Dr. Ian McGilchrist: I suppose the first thing to say is that the subject of the two hemispheres has become an absolute no-no for any respectable scientist because it was so popularized in the sixties and seventies in a way that relied on some quite simple ideas about the separation between language and visio-spatial phenomena and between reason and emotion. And that is absolutely untrue. In fact practically every single thing that was said about the left hemisphere—it was down to earth and it was boring but at least it told you the truth—all that kind of thing is completely erroneous. I was intrigued by some fairly obvious differences that do come up in different contexts and I wanted to try to find a pattern in them. In so doing and in writing that book I was faced with a problem. When you talk about the brain as though it’s something separate from a human being, there’s a tendency for that to happen and it leads to the fallacy that there’s a machine in there that controls us. That we are somehow separate from this machine. That’s the problem with thinking about it as a machine at all. Because of course it isn’t. It’s part of a person. Our brains don’t experience things. We experience them. I need to make that point because some people who clearly haven’t gotten around to reading my book have put me in the camp of people who reduce the richness of human experience to a lot of physiological data and that’s absolutely not my intention.
BW: What was your intention?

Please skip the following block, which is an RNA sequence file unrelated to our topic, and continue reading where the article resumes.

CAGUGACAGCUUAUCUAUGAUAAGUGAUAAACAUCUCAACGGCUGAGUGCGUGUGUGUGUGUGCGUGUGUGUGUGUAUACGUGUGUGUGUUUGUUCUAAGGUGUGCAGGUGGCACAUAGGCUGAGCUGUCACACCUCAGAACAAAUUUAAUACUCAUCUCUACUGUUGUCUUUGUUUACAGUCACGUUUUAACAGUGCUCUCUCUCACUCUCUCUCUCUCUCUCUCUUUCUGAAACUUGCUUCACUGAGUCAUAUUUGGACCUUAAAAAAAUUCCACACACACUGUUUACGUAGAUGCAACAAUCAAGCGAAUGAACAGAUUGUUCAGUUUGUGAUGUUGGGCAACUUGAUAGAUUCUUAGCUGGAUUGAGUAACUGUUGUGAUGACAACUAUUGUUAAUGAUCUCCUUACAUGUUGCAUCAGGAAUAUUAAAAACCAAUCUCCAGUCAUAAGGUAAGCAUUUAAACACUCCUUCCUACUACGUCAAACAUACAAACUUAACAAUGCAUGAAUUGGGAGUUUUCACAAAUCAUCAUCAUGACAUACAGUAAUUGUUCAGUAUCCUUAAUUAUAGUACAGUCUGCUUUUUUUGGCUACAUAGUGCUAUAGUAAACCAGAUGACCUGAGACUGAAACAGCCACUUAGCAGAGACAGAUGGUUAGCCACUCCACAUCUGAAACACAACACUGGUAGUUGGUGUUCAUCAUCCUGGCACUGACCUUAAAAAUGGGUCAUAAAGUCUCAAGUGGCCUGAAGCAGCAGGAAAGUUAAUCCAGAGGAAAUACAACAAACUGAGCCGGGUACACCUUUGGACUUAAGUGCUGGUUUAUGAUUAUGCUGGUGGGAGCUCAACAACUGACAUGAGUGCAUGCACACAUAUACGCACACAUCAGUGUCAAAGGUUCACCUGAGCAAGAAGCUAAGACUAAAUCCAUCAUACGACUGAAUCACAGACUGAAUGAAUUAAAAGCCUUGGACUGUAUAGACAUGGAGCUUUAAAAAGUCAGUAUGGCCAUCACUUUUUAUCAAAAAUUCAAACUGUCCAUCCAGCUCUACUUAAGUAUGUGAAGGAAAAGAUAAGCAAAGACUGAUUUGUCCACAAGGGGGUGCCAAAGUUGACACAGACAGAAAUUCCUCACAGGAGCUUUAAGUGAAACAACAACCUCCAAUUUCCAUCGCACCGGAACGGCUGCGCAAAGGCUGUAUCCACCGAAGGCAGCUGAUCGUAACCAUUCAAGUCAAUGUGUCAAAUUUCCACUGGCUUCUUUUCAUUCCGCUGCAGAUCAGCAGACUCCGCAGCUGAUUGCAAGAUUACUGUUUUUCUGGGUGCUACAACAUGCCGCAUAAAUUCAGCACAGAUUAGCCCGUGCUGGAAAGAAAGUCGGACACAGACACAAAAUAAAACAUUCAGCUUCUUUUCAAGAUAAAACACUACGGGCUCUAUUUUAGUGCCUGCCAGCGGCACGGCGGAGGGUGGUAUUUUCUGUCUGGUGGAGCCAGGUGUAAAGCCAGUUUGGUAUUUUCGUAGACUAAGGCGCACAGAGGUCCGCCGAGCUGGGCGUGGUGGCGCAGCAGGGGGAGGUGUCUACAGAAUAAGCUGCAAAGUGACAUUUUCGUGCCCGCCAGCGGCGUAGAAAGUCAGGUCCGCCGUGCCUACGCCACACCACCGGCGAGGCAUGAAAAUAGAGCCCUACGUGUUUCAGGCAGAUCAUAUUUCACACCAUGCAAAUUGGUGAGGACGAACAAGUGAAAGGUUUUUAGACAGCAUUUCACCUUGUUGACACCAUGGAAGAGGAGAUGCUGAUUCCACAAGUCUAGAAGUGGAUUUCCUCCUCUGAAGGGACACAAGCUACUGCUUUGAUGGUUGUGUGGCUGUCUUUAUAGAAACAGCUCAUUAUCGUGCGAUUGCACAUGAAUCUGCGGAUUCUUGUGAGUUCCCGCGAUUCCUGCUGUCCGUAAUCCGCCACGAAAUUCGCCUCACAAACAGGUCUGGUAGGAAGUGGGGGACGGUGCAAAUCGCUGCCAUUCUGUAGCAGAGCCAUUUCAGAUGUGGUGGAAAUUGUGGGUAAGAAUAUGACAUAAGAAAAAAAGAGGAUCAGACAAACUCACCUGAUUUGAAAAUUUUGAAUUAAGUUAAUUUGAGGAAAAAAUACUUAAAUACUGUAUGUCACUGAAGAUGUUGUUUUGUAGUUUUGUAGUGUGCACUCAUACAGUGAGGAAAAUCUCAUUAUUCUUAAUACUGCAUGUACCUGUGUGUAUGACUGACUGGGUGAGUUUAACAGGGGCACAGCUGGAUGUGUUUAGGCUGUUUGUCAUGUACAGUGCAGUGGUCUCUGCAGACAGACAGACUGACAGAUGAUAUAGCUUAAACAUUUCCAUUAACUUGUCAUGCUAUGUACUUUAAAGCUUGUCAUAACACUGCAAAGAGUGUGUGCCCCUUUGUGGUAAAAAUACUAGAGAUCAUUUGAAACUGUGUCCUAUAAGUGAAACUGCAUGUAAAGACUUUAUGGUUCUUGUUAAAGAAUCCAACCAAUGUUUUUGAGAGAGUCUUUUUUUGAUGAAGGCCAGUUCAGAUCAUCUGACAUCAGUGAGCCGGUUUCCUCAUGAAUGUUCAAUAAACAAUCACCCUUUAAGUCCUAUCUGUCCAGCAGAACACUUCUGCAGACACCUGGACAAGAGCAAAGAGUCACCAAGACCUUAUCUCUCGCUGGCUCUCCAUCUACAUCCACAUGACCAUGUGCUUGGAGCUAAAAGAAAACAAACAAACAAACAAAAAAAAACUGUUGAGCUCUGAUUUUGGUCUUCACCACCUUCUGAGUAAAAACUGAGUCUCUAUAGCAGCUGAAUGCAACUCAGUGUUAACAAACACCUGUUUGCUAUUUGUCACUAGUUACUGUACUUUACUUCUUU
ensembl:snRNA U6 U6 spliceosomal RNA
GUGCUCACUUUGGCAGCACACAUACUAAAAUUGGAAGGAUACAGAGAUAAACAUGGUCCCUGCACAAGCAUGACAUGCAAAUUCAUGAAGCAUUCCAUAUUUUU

IM: I had to really think of it more as these hemispheres contributing to a person’s experience of the world and as such there is no pre-existing way of describing this. You have to describe it using a metaphor of something and the closest is the metaphor of a person. It’s far closer than the metaphor of a machine. But in doing so you run the risk of people thinking that there are two people in your head or that half a hemisphere is a little person that’s got its own views. That’s also a problem that needs to be steered clear of. When you actually come to look at the data, they (the hemispheres) can be seen as having different goals, different preferences and therefore values, and of being parts of ourselves that have a different focus and a different take on the world. So in the end I make no apologies for making it sound like they have personalities because I’m afraid that’s the nearest way one can get at it without resorting to the “machine in your head” metaphor which is not a good one.